Summer Stingers

Stinging Insect

Who has the greatest chance of getting stung by stinging insects? Is it the dumb guy who tries to take honey from an active hive? Maybe. Is it the unfortunate soul who decides to get rid of a nest in his attic by himself? Probably. But the real answer is: The person with the greatest chance of getting stung by a stinging insect is the one who has the most stinging insects flying around their home.

You may not know this, but most stinging insects start over every year. Very few make it through the winter, unless they have a hive in a protected area that stays warm all year round, most die off. That is why each summer, about this time, stinging insects begin to get worse. If you're already having a problem, by the end of summer it is only going to get worse.

How do I protect myself from summer stingers?

  • Screens. Proper screening is key to preventing stings. If you have holes in any of your screens, wasps and hornets will exploit those holes, especially when temperatures start to drop again.
  • Plug holes. Examine your window and door frames for even the smallest holes. These are insects that continually explore your exterior walls for nooks.
  • Watch out for sliding doors. If you have a sliding door, you can accidently bring a stinging insect into your home. Take a quick look on the glass before sliding because some insects have a hard shell and can pass right by your weather stripping. Keeping your screen door closed can prevent this from happening.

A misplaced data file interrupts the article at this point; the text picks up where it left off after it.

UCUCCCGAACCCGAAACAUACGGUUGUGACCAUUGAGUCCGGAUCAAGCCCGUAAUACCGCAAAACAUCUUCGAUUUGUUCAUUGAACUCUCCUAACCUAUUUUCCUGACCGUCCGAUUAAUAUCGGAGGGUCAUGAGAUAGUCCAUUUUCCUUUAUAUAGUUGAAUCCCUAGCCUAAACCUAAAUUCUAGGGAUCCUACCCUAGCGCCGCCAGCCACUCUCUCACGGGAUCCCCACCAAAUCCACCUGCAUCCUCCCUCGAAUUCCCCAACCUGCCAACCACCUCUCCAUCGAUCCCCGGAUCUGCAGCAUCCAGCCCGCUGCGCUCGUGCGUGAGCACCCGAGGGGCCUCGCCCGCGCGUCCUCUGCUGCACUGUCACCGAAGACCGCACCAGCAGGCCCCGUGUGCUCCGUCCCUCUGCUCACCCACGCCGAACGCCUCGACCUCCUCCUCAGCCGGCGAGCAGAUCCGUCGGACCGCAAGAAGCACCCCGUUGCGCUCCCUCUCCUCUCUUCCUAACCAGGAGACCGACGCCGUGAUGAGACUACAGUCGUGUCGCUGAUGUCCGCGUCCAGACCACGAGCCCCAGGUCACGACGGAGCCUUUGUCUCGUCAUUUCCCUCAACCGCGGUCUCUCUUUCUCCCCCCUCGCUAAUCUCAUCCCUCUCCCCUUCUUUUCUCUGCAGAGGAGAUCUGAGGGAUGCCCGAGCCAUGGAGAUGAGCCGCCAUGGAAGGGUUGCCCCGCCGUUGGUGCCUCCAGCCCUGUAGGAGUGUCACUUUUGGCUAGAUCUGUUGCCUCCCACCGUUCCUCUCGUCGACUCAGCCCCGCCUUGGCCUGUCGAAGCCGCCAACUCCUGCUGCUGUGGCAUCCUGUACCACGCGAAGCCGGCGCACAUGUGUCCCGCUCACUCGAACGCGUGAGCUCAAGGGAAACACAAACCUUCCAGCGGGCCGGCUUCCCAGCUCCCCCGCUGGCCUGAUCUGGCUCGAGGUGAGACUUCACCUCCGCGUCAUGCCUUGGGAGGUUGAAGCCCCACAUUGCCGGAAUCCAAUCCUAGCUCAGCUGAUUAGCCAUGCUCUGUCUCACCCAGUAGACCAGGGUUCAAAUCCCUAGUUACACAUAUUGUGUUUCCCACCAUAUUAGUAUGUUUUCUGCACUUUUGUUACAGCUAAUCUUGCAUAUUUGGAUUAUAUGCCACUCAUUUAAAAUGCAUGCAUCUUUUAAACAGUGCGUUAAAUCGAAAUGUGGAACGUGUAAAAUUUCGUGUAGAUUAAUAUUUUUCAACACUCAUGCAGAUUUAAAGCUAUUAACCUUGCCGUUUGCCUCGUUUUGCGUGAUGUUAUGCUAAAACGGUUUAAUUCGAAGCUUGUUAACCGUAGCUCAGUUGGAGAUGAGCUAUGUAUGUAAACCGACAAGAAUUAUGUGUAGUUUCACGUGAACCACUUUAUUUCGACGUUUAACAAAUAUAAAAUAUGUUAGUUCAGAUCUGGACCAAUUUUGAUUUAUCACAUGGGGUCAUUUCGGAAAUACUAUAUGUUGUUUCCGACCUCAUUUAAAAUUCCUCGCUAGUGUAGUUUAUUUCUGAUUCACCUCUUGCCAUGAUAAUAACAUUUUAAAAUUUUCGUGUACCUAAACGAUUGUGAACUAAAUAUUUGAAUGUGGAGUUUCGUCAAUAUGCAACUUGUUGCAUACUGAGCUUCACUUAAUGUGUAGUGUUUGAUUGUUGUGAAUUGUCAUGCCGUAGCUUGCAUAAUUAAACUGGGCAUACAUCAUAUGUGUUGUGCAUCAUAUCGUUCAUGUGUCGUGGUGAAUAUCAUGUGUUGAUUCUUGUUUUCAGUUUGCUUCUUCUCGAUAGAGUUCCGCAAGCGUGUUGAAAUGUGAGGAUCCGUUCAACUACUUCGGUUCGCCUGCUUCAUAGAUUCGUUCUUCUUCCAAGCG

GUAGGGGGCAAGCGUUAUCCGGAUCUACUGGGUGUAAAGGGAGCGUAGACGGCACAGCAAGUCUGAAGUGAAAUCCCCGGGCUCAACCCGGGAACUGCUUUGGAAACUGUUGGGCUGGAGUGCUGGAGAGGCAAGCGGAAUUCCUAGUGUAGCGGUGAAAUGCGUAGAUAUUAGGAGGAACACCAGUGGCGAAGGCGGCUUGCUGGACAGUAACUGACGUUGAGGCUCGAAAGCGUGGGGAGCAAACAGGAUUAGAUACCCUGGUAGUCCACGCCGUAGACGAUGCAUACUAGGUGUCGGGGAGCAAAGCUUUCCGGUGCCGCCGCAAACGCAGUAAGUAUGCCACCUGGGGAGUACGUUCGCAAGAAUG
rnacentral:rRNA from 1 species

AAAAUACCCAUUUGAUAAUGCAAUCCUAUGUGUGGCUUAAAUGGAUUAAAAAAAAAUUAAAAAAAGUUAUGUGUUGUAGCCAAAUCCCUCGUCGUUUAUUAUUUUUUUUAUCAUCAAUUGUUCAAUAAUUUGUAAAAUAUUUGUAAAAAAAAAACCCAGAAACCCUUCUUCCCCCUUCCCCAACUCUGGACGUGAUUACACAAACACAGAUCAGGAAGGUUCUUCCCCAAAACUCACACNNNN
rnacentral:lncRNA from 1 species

• Be careful. You can literally stir up a hornet's nest without realizing it. If you have hornets living in a shed or yellow jackets living in a hole in your lawn, you could find yourself in a world of hurting. Movement and vibrations can send these insects into a swarm.
  • Follow them. If you see a stinging insect, watch where it goes. If it disappears into a crack, eave or hole, you may have a nest. Proactive tracking of stinging insects can save you from a swarm attack, especially if you have Africanized honey bees.
  • Do a search. You should routinely check your eaves, overhangs and attic spaces for stinging insects. Many of these summer stingers will create a big grey nest for you to see.

If you find a nest, or suspect there is a nest on your property, contact American Pest Solutions to do a sweep and remove all nests. The fewer stinging insects you have flying around, the less chance you have of being stung. It's that simple.